we are seeing a lot of growth in all markets like the u.s. and newer markets like india. that is definitely one of the strengths of android. every region has its own unique needs and desires. that is ok. the open model of android enables that. emily: where is it growing the fastest? >> android is growing worldwide, but we do see a lot of growth in emerging markets such as india. worldwide, depending on whose metrics you are looking at something like 70% to 80% of smartphones are android. emily: you know it is dominant it is criticized for being fragmented. >> it's interesting. we hear about that word a lot, fragmentation.
there are a number of ways of looking at it. at the base layer of the operating system we have created the compatibility test. if a manufacturer wants to participate in the android ecosystem they have to go through a number of tests to prove that their device is compatible and not fragmenting from a developer and user perspective. >> it is an interesting point. the upgrade is something that is really important. there's also a security element as well. in the summer of 2015, we started multiple security patches. devices we were able to push these updates to. also working with the industry's
they have all publicly committed to doing these security patches on a monthly basis or some sort of regular cadence. is reallyhat important. security is important to anything and that is something we are providing now. >> what are the plans to merge rome os?with chrom >> it is interesting because they started from different design centers and goals. they are successful in different ways. emily: google has been criticized for not making much money on android and it has been said that you will never make as much on mobile ads as desktop ants, is that fair? >> as an operating system, it is freely available. it certainly
enables customers to do things on their devices that may result in revenue for google and other companies. that is how we look at it. when not going to charge for android itself. for third parties as well. businesses thrive on mobile on top of android. emily: might exclusive cons of -- conversation with hiroshi lockheimer of android. after the tragedy in michigan, we look at what you have to prove to become an uber driver.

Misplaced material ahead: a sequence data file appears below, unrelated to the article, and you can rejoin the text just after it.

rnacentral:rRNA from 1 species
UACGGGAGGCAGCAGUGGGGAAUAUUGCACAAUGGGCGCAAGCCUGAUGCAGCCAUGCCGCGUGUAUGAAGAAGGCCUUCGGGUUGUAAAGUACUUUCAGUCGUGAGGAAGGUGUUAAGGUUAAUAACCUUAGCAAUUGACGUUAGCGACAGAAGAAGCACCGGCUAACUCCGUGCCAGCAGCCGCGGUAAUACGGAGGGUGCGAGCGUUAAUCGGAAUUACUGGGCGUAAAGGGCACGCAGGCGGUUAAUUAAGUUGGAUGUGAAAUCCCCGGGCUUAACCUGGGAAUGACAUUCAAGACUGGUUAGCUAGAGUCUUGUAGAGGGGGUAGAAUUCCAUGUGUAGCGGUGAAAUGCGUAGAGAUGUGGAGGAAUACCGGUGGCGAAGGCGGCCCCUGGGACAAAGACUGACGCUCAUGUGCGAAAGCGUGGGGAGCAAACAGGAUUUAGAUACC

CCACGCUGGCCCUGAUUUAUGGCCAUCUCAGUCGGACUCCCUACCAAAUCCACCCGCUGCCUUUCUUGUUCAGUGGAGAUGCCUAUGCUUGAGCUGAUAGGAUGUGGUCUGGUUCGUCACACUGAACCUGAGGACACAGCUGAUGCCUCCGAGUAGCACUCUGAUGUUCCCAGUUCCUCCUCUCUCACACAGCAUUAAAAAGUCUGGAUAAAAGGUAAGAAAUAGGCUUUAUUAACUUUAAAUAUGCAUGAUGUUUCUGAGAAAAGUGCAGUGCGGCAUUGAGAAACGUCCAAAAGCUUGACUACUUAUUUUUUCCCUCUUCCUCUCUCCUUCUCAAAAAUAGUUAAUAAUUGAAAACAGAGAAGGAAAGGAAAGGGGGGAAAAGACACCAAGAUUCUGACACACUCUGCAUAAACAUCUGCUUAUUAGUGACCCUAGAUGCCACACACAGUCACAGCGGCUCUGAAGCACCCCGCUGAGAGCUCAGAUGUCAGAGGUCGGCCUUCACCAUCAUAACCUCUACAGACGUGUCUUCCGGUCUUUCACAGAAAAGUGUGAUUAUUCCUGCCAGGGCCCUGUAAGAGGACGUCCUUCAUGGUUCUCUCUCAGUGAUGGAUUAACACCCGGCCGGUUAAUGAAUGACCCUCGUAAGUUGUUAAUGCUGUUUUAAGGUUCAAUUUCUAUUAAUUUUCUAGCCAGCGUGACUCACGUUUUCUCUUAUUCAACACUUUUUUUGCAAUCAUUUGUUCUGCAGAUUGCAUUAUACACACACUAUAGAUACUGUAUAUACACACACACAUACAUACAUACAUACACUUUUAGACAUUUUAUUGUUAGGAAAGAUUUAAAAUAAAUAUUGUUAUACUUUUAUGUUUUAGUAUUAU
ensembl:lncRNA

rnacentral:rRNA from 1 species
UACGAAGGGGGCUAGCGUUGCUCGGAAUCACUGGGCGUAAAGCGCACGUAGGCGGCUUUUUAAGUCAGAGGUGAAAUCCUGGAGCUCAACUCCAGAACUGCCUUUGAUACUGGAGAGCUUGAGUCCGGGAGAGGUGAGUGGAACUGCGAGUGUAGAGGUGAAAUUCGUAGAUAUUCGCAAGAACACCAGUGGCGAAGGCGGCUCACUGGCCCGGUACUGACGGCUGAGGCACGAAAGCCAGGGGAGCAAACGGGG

that left six people dead. uber has said they are how broken but will not be changing screening processes. he had no criminal record and officerschief security had no back rent check would have flagged or anticipated this situation. it had us asking, what does go into a background check? socialt provide their security number, copy of a drivers license, insurance, and proof of a vehicle inspection. an outside company, checker, conducts a background check. that check goes back seven years. they do not meet with them face-to-face. uber does not screen fingerprints which can lead to false positives and discriminatory results. the do have a panic button in their app and india but do not have one in the united states. they say they do not want to add an extra layer to reach law
enforcement and do not think they can do better than 911. the uber of private air travel just raised new funding. investedy had previously along with rapper jay-z. the ceo likens the company to uber black offering private jet rides you can book from a smartphone. the latest funding he says will be used to expand in the middle east, asia, and europe. when we return, how much does travis see really matter to smartphone users.
at the stories making headlines in asia. good morning. zeb: it is already the auto industries biggest ever recall and it could still get bigger. investigators are looking into takata airbag makers which means it more vehicles could be recalled among the 28 million already involved. recall itseparing to 2016 civic compact in the u.s. over engine problems just months after the model was put on the market. honda says it is suspending sales for some versions of the car but the retail will not start until it gets approval from u.s. authorities. the impending recall is another justct -- setback to honda 11 years after -- just one year
after they had to change their president. doubledng pretax profit to a record 666 million dollars in the first half of the fiscal year. it was in the higher range of the company's forecast. cheaper oil helped boost growth. we are tracking bhp reporting and 92% drop in profit due to the commodities slump. the world's biggest mining company is also planning to cut its dividend payout from $.62 to $.16 per share. toly: the loyalty shareholders through dividend payouts -- has that impact of the credit rating? >> it certainly has. you saw standard & poor's downgraded to the lowest level since 2003. they last chose to cut the